Tina Washington can’t remember being told that white men lynched her granddaddy back in 1935. Somehow she’s always known. The crime echoed in her father’s character, in his watchfulness and distant love, in the yawning void left in place of memory. As a child, she tried to pry answers from her tight-lipped parents. “Where is my granddaddy?” she would ask. “I want to know my granddaddy.” Now, at 39, she asked different questions but mostly to herself. Would her father have gone to college if his daddy had lived? What did her granddaddy look like? What sparked his murder? Who were his people? She had no photos. Nothing.
But one hot and clear afternoon in September, a day before the 82nd anniversary of her paternal grandfather’s death, Washington sat in the back seat of her sister’s car ready to crack open her family’s painful history. Her father, E.W. Higginbottom, sat beside her in a white dress shirt and cuff links, and her sister and brother-in-law, Delois and Irven Wright, rode up front. Washington’s children — Trinity, Bailee and Rico — squabbled quietly in the S.U.V.’s third row.
They had left the suburbs outside Memphis, Tenn., and were headed south, past deep green woods and an old railway line, toward Oxford, Miss., where Washington’s grandfather lived and died. The family planned to meet there with staff members from the William Winter Institute for Racial Reconciliation, a Mississippi nonprofit, and tour sites significant in her grandfather’s lynching: the county courthouse, the killing grounds and two graveyards where he might be buried.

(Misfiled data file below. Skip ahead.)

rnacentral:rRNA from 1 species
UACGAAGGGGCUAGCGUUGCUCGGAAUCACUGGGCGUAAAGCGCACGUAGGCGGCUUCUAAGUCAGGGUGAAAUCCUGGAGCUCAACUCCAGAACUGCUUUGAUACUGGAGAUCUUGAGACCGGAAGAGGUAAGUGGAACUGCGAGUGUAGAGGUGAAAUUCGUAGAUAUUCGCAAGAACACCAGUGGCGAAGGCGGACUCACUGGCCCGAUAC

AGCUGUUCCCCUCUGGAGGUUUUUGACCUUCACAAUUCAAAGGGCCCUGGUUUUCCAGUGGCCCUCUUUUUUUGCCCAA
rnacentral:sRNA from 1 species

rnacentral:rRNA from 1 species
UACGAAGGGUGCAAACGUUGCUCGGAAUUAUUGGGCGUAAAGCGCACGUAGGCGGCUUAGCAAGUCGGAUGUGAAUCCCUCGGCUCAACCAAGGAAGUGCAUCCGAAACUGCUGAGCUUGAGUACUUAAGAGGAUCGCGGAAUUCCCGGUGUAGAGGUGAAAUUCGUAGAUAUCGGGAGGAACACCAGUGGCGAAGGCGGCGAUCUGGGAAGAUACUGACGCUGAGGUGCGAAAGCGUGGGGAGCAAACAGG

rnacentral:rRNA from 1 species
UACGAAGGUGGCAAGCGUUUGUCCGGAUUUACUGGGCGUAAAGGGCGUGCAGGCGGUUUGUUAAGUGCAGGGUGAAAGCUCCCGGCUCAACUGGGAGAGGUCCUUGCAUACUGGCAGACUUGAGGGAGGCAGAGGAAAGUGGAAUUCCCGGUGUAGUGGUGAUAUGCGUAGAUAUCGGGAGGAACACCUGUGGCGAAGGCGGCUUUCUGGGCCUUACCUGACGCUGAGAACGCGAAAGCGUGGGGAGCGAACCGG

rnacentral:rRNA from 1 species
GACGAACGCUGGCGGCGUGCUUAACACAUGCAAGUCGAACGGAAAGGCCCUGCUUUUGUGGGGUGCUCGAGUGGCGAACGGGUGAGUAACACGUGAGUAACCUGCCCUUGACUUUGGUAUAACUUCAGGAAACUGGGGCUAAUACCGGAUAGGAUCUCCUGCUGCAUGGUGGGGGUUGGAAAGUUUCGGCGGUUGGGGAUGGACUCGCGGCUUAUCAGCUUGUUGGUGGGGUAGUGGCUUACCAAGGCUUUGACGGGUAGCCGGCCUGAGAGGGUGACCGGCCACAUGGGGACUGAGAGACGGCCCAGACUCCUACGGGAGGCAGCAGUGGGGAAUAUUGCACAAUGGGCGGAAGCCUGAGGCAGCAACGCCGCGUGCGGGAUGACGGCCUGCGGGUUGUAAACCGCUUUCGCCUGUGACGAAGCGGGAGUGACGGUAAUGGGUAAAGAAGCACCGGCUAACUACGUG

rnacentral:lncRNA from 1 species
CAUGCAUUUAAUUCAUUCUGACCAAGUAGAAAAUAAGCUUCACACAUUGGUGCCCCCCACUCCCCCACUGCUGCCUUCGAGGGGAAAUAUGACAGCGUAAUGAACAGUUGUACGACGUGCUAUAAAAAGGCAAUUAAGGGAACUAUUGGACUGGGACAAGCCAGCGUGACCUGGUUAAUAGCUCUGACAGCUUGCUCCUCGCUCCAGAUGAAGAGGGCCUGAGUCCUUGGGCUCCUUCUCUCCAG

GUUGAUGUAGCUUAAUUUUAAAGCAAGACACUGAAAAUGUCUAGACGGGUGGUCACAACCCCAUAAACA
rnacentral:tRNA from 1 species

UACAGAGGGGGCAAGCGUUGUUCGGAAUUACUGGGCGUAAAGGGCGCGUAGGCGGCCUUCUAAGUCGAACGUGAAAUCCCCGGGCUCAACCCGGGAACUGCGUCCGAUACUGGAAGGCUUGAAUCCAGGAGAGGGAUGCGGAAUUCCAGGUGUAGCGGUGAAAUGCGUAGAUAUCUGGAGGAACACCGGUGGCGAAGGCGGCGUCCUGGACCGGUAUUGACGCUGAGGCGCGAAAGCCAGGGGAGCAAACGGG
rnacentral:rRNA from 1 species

Washington, who wore rectangular glasses and a sleek ponytail, teaches high school Spanish and possesses an educator’s enthusiasm for history. She has visited Tuskegee University and George Washington Carver’s birthplace. She has walked across the Selma bridge, where Alabama state troopers beat nonviolent voting rights activists in 1965, and traveled to Booker T. Washington’s grave. The broad sweep of black history has come easily; her black family’s experience remained frustratingly elusive. “I’ve kind of seen the house where my mama lived as a child,” she said a few days earlier. “It was built over, but I kind of know where it is. I can go there. But I don’t know any of my daddy’s history.”
Higginbottom was 4 when the mob came for his father. He is now 87, with eyes set in a perpetual glaucoma squint and the strong voice of a younger man.